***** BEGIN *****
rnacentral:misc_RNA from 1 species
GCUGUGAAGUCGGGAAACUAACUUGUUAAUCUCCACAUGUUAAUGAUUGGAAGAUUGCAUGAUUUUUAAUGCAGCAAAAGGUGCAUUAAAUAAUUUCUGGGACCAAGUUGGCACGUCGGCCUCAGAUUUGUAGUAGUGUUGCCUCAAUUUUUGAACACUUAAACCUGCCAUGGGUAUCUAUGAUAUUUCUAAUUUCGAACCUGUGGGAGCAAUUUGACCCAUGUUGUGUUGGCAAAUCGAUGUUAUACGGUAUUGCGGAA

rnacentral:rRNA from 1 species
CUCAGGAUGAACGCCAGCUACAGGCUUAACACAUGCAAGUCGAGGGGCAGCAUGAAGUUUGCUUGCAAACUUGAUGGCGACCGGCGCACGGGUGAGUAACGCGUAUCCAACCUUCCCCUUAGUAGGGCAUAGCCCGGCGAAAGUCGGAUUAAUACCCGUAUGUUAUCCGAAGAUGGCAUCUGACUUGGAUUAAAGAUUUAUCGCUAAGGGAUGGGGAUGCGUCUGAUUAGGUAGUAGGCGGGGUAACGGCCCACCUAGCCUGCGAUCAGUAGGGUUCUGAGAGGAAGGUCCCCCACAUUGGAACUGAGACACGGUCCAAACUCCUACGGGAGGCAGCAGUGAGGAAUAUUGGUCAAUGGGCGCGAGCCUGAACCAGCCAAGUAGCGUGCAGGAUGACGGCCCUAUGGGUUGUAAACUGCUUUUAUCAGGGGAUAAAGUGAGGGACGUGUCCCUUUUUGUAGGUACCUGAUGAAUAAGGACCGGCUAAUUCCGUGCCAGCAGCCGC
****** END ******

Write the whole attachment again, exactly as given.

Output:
rnacentral:misc_RNA from 1 species
GCUGUGAAGUCGGGAAACUAACUUGUUAAUCUCCACAUGUUAAUGAUUGGAAGAUUGCAUGAUUUUUAAUGCAGCAAAAGGUGCAUUAAAUAAUUUCUGGGACCAAGUUGGCACGUCGGCCUCAGAUUUGUAGUAGUGUUGCCUCAAUUUUUGAACACUUAAACCUGCCAUGGGUAUCUAUGAUAUUUCUAAUUUCGAACCUGUGGGAGCAAUUUGACCCAUGUUGUGUUGGCAAAUCGAUGUUAUACGGUAUUGCGGAA

rnacentral:rRNA from 1 species
CUCAGGAUGAACGCCAGCUACAGGCUUAACACAUGCAAGUCGAGGGGCAGCAUGAAGUUUGCUUGCAAACUUGAUGGCGACCGGCGCACGGGUGAGUAACGCGUAUCCAACCUUCCCCUUAGUAGGGCAUAGCCCGGCGAAAGUCGGAUUAAUACCCGUAUGUUAUCCGAAGAUGGCAUCUGACUUGGAUUAAAGAUUUAUCGCUAAGGGAUGGGGAUGCGUCUGAUUAGGUAGUAGGCGGGGUAACGGCCCACCUAGCCUGCGAUCAGUAGGGUUCUGAGAGGAAGGUCCCCCACAUUGGAACUGAGACACGGUCCAAACUCCUACGGGAGGCAGCAGUGAGGAAUAUUGGUCAAUGGGCGCGAGCCUGAACCAGCCAAGUAGCGUGCAGGAUGACGGCCCUAUGGGUUGUAAACUGCUUUUAUCAGGGGAUAAAGUGAGGGACGUGUCCCUUUUUGUAGGUACCUGAUGAAUAAGGACCGGCUAAUUCCGUGCCAGCAGCCGC